It enlists a list of stories that are actually claims made by others who were not believed by their peers initially and were termed as mad. The stories are chilling and troublesome. Folklore ghost stories on the other hand are lighter and may even contain tints of dark humour. Occult stories like those of Annabelle are very much alive even today.

Title: Horror: Horrifying Stories of True Paranormal Activities and Ghost Stories That You Wish Were Not True!

Author: Frank C Chastain

Publisher: Amazon Asia-Pacific Holdings Private Limited

Date of Publication: 9 November 2017

Genre: Thriller

Rating: 5/5

Suppose. On a faraway island. A dilapidated house. A gusty wind. A stony way. A dimly lit entrance. You enter alone. Are you really alone?

Frank Chastain’s taste for all things spooky makes him bring out this hair raising book about serial killers and ghosts that is bound to give you the chills. Beginning with a close study of the psychology of the serial killers, Chastain notes that serial killers are concerned with themselves and no one else. They often lie about their feelings and tend to have a disturbed childhood.

While harboring homicidal thoughts is not out of the norm even in a very normally behaved person’s mind, it is the tendency to give these thoughts a course that differentiates average people from serial killers. They are also obsessive narcissists and are cruel to animals in their childhood. This may be due to chemical deficiencies in the brain. With a short introduction the book goes on to index a list of killers in the history of the criminal world. These include the Long Island Killer, the Zodiac Killer, the Child killer Genene Jones, the Boston Strangler, Richard Ramirez, Pogo the Clown and many more. The book is filled with brief accounts of their ghastly acts that is unfathomable to the average person.

It is a dark face of the beastly and cannibalistic instincts of humankind. The book also comes with chapters on Fascinating Facts About Serial Killers and their Famous Last Words which are baffling.

Everybody has grown up listening to ghost stories as a child and while it may seem fascinating, it never fails to scare. People enjoy being scared despite the adrenaline rush. But some people also have strange things happening to them and are afraid to tell others fearing societal taboo. Chastain mentions that what we call ‘ghost’ is in fact the spirit, soul or energy of a dead person. The book enlists a number of stories that are actually claims made by others who were not believed by their peers initially and were termed as mad. The stories are chilling and troublesome. Folklore ghost stories on the other hand are lighter and may even contain tinges of dark humour. Occult stories like those of Annabelle are very much alive even today.

Though certain unexplained mysteries are a point of debate among investigators and ghost busters but they continue to fascinate explorers and readers alike. The book provides a few do’s and don’ts that are good to keep in mind just in case you encounter something supernatural someday. You never know.

Click the book cover to grab your copy. Happy Reading!

 

Cold Plate Special by Rob Widdicombe

Though subtle at times, the humour is sarcastic and eccentric leaving the reader in splits.

Title: Cold Plate Special

Author: Rob Widdicombe

Publisher: Saltimbanque Books

Date of Publication: 28 July 2017

Genre: Thriller

Rating: 5/5

A student’s dreams of entering law school to become a master ‘Zinger’ leaves him a ‘Zingee’ in the middle of psychotic events.

Jarvis wants to be a zinger-lawyer so that he can mince words and hurl them at other culprits who deserve to be grilled. His greatest obsession is to be able to answer back to others. But this tongue tied lad can barely retaliate verbally let alone even think up responses on his feet. Initially, it seems like a baseless reason that may possibly motivate someone to become a lawyer. He also shows murderous instincts. He mentions all those he wants to kill and the various ways of murder that he’s chalked out in his mind already. Ironically, he’s contemplating murder just after being released from rehab. Far from recovering he has visions about how to murder Motorcar. Motorcar, who?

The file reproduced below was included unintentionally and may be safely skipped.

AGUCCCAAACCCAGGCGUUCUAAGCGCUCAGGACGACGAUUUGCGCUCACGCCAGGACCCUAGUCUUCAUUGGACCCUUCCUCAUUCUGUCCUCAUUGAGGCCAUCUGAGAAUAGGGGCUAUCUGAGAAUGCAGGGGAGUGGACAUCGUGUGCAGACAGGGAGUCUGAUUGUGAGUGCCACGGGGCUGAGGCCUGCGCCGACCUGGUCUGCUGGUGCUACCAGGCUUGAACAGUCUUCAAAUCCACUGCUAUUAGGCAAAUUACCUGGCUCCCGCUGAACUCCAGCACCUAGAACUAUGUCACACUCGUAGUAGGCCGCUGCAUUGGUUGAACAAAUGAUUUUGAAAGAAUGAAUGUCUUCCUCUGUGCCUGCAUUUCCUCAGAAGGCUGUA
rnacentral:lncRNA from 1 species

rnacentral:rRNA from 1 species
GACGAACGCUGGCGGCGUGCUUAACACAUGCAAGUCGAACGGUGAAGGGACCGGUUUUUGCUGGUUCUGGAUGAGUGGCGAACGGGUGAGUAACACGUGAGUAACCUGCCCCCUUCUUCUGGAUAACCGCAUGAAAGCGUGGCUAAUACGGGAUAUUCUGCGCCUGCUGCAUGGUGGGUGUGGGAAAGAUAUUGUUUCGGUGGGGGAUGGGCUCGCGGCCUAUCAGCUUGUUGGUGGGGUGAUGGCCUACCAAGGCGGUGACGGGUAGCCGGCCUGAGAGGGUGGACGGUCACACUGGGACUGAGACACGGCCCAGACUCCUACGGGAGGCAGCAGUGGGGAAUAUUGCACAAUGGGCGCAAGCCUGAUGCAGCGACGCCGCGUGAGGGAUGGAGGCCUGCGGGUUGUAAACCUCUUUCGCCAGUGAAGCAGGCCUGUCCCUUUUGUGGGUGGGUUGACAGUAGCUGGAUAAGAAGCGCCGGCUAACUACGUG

The narrative is highly descriptive and many minute details convey the entire story while maintaining every bit of the suspense. The imagery is filled with gross and drastic descriptions to the extent that at times it gets almost hilarious at how hysterical and expressive the narrator can be. Humour is an integral part of the plot and is used in varying doses. Though subtle at times, the humour is sarcastic and eccentric leaving the reader in splits.

Jarvis wants justice like that of the medieval times where revenge was healthy. The story gets more and more dramatic with each page. It evokes several emotions of horror and shock that strive to maintain the fear factor. The narrator is highly animated. After his boss questions him about his invoices he’s fired for whiling away his time in office. The emotions are drastic and Jarvis can get from strange to excessively weird with his expressions about situations. He notes down almost every single thought that crosses his mind and most of it is exasperation spelt out loud. Then he has a complete nervous meltdown.

The eye for detail makes the narrative more tantalizing as it may seem to be adding excessive information but it only helps build the plot and take it to a whole different level of exhilaration. Being fired from work leads to a series of unforeseen happenings that make up the maddened narrative of the novel. The events lead to an almost psychic downturn which gets represented in his constant desires to kill some others and himself. With funny encounters with his cousin Shred and being beaten up by a bunch of hippies, the story turns wild with never ending twists. All of the craziness and recklessness only reveals a deep hurt in his childhood that he keeps reeling back into. It is the suffering in the hands of a pedophile one summer camp. Jarvis has been through some haunting and pathetic practices; experienced by a brittle mind in “a zone of cosmic confusion” that lead to his derailed thought process. The story brings out the idea that a molestation is an awful experience for a child but they do not have the vocabulary or the understanding of the experience to put it into proper explainable words. The innocence within the child’s mind cannot process the event but can feel its grave nature. Yet, he can do little to have justice. He fumes on the inside and grows worse. He fails to catch his molester’s real name. The story brings out the message that after an abusive episode it is too difficult to get back to normal and act as though nothing ever happened. Forgiving isn’t an option and revenge seems the only legitimate thing to ask for.